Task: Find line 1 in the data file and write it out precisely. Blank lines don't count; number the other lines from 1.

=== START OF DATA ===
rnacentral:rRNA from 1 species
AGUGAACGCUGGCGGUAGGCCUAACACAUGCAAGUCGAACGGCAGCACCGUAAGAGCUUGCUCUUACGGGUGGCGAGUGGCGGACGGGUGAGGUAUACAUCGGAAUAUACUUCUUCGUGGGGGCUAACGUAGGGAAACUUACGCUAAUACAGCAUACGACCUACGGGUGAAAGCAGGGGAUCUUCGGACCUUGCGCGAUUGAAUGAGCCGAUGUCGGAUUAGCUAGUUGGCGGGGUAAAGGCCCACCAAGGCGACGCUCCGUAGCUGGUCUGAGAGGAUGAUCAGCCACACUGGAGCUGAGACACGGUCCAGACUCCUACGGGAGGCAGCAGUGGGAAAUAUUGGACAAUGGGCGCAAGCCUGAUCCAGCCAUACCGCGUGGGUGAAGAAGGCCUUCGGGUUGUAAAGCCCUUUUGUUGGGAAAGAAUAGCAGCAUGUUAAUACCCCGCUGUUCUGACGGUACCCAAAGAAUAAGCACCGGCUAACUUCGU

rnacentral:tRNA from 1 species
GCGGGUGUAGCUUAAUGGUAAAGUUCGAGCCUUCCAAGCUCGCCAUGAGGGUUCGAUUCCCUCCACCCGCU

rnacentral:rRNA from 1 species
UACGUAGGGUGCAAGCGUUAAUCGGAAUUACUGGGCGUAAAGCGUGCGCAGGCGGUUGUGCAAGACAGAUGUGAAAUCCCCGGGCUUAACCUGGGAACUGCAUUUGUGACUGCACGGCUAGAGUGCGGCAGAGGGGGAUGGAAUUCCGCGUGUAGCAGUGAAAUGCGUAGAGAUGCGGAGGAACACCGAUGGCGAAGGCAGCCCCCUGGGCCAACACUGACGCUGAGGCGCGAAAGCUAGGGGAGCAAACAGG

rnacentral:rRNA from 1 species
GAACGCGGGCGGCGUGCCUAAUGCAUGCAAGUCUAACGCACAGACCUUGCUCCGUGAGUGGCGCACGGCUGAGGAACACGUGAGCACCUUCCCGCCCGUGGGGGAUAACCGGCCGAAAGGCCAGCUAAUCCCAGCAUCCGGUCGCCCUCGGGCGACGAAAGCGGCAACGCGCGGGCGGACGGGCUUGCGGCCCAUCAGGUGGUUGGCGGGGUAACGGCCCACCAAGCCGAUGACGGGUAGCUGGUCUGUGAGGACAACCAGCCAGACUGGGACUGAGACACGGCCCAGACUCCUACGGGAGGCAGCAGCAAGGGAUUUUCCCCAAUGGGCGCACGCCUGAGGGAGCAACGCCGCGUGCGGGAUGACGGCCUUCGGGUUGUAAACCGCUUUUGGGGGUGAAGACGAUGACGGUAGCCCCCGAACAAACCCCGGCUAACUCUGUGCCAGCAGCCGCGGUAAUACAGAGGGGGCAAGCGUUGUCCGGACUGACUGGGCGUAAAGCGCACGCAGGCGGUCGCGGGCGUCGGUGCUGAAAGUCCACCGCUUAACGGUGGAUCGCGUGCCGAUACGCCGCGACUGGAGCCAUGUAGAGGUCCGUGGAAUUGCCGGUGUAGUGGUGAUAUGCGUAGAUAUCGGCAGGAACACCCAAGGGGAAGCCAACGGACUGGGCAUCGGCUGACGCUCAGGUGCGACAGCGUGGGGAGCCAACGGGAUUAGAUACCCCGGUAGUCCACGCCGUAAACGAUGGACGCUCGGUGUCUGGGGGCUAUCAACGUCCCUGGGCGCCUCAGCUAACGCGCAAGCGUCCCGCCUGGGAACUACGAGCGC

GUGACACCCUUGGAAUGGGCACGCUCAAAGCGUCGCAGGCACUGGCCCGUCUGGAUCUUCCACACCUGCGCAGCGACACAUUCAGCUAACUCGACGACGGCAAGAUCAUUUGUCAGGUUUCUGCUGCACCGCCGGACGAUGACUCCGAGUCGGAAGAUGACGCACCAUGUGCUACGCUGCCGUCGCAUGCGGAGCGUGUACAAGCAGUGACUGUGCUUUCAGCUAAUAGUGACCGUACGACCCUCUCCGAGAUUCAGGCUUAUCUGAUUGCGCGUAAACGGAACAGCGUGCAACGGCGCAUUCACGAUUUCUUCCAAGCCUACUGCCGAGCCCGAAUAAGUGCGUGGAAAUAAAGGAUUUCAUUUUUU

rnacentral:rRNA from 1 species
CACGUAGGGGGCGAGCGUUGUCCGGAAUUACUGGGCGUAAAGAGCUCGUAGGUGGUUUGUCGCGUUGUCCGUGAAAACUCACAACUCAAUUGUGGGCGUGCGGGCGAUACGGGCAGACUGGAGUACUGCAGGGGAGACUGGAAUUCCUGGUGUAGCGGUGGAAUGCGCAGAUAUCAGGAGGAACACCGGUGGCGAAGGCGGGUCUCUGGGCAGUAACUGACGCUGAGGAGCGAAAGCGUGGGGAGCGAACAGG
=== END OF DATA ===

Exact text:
rnacentral:rRNA from 1 species